AAPA applauds effort to expand and improve seaports

Four of the 46 capital project funding requests selected for awards go directly to America’s port-related infrastructure,
By Patrick Burnson, Executive Editor
December 15, 2011 - LM Editorial

U.S. Transportation Secretary Ray LaHood announced today that 46 transportation projects in 33 states and Puerto Rico will receive a total of $511 million from the third round of the U.S. Department of Transportation’s popular TIGER (Transportation Investment Generating Economic Recovery) grants program.

The Department of Transportation received 848 project applications requesting a total of $14.29 billion. Four of the 46 capital project funding requests selected for awards go directly to America’s port-related infrastructure, totaling $62,238,246, or about 12 percent of the total $511,423,147 in capital grant funds available. Millions more go to projects that indirectly aid the efficient movement of goods to and from America’s seaports.

“DOT Secretary LaHood has indicated on numerous occasions the value and importance of seaport-related infrastructure to America’s overall transportation system and our nation’s competitiveness in global trade,” said American Association of Port Authorities (AAPA) President and CEO Kurt Nagle. “We applaud this recognition of the critical role our nation’s ports play and the federal support in TIGER III for seaports.”

Nagle added that considering the “vast number of applications submitted for the relatively small pot of money available,” he recognized there was a lot of competition for the limited funds.

“However, we will continue to advocate for a 25 percent share of future TIGER grants, which we believe is the appropriate amount since port infrastructure investments are one of the four eligible areas for the program,”??he said.

AAPA spokesman, Aaron Ellis echoed similar sentiments in an interview with LM:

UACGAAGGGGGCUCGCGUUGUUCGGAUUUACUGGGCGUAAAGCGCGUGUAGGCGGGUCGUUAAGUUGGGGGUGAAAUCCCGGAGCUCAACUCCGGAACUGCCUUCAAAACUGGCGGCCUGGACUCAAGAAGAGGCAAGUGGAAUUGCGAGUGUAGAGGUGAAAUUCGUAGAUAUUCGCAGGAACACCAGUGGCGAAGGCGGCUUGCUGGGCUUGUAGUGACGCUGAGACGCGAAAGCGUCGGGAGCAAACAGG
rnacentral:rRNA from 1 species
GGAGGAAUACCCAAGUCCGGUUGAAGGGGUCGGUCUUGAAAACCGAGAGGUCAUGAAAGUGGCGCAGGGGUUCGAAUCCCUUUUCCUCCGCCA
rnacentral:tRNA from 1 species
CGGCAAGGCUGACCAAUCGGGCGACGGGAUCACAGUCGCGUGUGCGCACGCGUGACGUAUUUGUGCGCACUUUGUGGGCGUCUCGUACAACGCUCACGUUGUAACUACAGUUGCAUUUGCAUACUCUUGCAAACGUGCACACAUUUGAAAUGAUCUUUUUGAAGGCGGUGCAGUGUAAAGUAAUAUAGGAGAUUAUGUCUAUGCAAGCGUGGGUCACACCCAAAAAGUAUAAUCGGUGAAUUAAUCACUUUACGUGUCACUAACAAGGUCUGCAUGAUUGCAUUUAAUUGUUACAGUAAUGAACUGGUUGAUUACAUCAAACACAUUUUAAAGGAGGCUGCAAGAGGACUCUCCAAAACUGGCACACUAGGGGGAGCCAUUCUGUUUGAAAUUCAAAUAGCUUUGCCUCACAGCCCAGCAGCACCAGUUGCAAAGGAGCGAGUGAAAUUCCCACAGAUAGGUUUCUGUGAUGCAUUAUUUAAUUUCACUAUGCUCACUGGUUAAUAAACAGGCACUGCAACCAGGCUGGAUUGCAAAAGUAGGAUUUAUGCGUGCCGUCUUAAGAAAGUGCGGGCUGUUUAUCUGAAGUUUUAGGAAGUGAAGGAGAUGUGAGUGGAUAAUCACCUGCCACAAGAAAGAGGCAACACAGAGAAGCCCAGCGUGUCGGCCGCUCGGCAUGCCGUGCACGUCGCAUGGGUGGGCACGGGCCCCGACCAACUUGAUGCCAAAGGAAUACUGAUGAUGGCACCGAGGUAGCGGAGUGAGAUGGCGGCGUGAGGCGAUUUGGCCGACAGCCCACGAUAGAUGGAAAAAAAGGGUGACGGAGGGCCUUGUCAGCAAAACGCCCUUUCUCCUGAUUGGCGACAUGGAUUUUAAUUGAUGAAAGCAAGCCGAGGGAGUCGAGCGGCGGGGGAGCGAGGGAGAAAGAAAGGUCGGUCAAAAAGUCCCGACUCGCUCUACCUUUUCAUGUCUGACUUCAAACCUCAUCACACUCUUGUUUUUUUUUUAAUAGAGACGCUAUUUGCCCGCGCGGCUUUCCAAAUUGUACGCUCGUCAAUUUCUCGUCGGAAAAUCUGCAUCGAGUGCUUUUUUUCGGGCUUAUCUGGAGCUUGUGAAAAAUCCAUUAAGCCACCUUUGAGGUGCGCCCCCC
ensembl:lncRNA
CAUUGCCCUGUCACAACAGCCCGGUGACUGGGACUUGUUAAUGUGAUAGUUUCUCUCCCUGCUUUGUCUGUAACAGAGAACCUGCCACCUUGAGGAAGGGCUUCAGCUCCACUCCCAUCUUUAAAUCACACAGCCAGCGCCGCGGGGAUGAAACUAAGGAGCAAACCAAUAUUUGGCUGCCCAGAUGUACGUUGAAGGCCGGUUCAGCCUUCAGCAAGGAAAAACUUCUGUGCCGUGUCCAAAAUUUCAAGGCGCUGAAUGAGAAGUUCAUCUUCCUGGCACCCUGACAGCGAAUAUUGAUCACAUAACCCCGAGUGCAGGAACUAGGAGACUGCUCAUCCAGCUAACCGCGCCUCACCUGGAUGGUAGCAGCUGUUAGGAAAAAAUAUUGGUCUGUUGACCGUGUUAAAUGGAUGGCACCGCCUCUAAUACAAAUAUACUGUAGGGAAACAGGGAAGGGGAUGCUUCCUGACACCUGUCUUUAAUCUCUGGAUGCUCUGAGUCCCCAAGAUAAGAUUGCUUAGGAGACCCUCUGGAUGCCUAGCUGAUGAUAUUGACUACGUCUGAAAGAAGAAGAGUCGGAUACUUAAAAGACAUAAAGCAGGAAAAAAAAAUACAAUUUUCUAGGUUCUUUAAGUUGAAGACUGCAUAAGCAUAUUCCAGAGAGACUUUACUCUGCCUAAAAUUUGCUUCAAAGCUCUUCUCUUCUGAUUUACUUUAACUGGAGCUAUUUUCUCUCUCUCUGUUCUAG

“It’s critical that our nation make the investments in transportation infrastructure today to ensure that we can support the movement of overseas and domestic cargo now and into the future,” he said.

Since the program’s inception as part of the American Reinvestment and Recovery Act, AAPA has been a strong supporter of the TIGER multimodal discretionary grant program. In the first round of TIGER grant awards, port-related infrastructure projects received only 8 percent of the original $1.5 billion. In the second round of grants, port-related infrastructure did better, garnering approximately 17 percent of the total $556.6 million in capital grant funds available.



About the Author

image
Patrick Burnson
Executive Editor

Patrick Burnson is executive editor for Logistics Management and Supply Chain Management Review magazines and web sites. Patrick is a widely-published writer and editor who has spent most of his career covering international trade, global logistics, and supply chain management. He lives and works in San Francisco, providing readers with a Pacific Rim perspective on industry trends and forecasts. You can reach him directly at .(JavaScript must be enabled to view this email address).


Subscribe to Logistics Management magazine

Subscribe today. It's FREE!
Get timely insider information that you can use to better manage your
entire logistics operation.
Start your FREE subscription today!

Recent Entries

Intermodal units, at 278,767 containers and trailers were up 6.7 percent compared to the same week last year and marks the third best week for intermodal ever recorded based on AAR’s data.

LM Group News Editor Jeff Berman recently conducted a wide-ranging interview with Bobby Harris, President and CEO of non asset-based 3PL BlueGrace Logistics about various aspects of the freight transportation market.

It’s small, but senior brass at YRC Worldwide will take it. After nearly seven years of continuing losses in excess of $2.6 billion, the parent of the nation’s second-largest LTL carrier posted a narrow net profit in the third quarter ended Sept. 30.

As was the case for the second quarter, third quarter earnings results for publicly-traded less-than-truckload (LTL) carriers are again strong. Signs of solid earnings results from carriers that have posted earnings to date include tonnage increases, gains in weight per shipment and average daily shipments, higher yield, and revenue per hundredweight.

While the holiday season is known to bring good tidings and cheer to all, it may also come with another thing that is not so pleasant: higher rate freights. That was the thesis of a commentary written by Mark Montague, industry pricing analyst and chief market-watcher for DAT, a Portland, Ore.-based subsidiary of TransCore.

About the Author

Patrick Burnson, Executive Editor
Patrick Burnson is executive editor for Logistics Management and Supply Chain Management Review. Patrick covers international trade, global logistics, and supply chain management. He lives and works in San Francisco, providing readers with a Pacific Rim perspective on industry trends and forecasts. Contact Patrick Burnson

Comments

Post a comment
Commenting is not available in this channel entry.


© Copyright 2013 Peerless Media LLC, a division of EH Publishing, Inc • 111 Speen Street, Ste 200, Framingham, MA 01701 USA